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watery salad

I need some cooking advice - this seemed like the right place to ask. There's a salad I like to make: just arugula, salt/pepper, lemon juice, and olive oil (with parmesan cheese on top). But half the time it comes out soggy/watery. I use organic arugula that comes pre-washed in a vacuum sealed plastic box, doesn't appear to be any water on it. Where is the water coming from? What am I doing wrong?

Any advice is appreciated...thanks!

asked by Arjun Kumar 7 days ago
5 answers 291 views
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Nancy

Nancy is a trusted home cook.

added 7 days ago

One trick to getting dressing to adhere (and salads not be watery) is to use absolutely dried leaves.
To get them, put them in a terry cloth salad bag or clean cotton pillow case, swing a few times ti shake off residual water, then refrigerate a couple hours in the bag/pillow case. Remove, dress, serve.
If no bag, wrap the greens in a clean cotton dish towel for same process.
Last, I wonder if the manufacturer puts treats the prewashed leaves to keep them fresh and if the chemical interacts with the dressing to make it watery. Try making it yourself one time, starting with normal dirty and/or organic leaves and see if you get better results.

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Nancy

Nancy is a trusted home cook.

added 7 days ago

After seeing your question, I looked around and found (so far) only suggestion of high concentration of chlorine used to wash bagged salad greens.
However, found lots of interesting info suggesting that pre-bagged and/or pre-washed salad greens (not specifically arugula) are likely both old (2 weeks or more) by the time they reach the grocery store and not necessarily very clean.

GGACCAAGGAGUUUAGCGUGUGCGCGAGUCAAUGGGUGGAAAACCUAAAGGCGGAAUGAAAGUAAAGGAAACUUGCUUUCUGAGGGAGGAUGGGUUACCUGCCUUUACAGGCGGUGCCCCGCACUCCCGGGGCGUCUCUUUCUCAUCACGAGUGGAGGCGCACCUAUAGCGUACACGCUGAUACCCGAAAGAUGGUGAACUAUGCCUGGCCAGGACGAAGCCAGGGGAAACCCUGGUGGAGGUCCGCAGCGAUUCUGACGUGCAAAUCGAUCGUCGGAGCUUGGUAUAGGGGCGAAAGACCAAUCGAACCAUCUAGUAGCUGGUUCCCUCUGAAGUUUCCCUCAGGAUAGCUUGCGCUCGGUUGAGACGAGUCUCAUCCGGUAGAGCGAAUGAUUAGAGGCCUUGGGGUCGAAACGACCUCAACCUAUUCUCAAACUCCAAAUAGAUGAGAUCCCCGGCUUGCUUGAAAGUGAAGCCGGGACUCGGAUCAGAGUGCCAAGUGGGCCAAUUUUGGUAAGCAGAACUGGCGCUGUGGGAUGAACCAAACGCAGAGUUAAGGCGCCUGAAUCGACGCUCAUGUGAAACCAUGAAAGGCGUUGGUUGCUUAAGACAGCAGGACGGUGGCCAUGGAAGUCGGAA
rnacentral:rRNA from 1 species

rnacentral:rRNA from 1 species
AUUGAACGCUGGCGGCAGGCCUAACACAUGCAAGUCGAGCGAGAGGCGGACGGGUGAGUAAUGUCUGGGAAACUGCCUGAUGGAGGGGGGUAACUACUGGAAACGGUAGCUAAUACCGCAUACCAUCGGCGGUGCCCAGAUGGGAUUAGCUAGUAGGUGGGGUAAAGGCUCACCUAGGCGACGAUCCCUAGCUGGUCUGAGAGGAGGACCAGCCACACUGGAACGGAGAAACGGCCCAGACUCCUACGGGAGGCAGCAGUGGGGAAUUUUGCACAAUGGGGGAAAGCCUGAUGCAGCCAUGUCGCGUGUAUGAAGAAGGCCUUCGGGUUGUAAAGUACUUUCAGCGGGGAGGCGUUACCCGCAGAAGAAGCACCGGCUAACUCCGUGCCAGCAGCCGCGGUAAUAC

Maybe start buying unwashed unpackaged arugula for several reasons, not just watery dressing.
https://www.google.ca/webhp...

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added 7 days ago

Thank you!!

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creamtea

Lisanne is a trusted home cook.

added 7 days ago

Are you dressing it just before serving? If you added salt or oil in advance, that will cause a salad to become watery. You can usually get away with adding the acid little in advance, although best thing to do is to blend the dressing on the side, and dress the leaves immediately before serving.

(also make sure the leaves are completely dry before dressing them, as Nancy suggested).

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added 4 days ago

I second the dress immediately before serving comment. However, emulsifying the salad dressing before dressing the leaves (by whisking in a bowl or shaking in a jar) will also help keep the lettuce from wilting (there is debate whether the oil or the vinegar alone is the wilting agent, but Kenji Lopez-Alt thinks it's the oil that breaks down the cellulose). Adding a bit of mustard will help to stabilize the emulsification.

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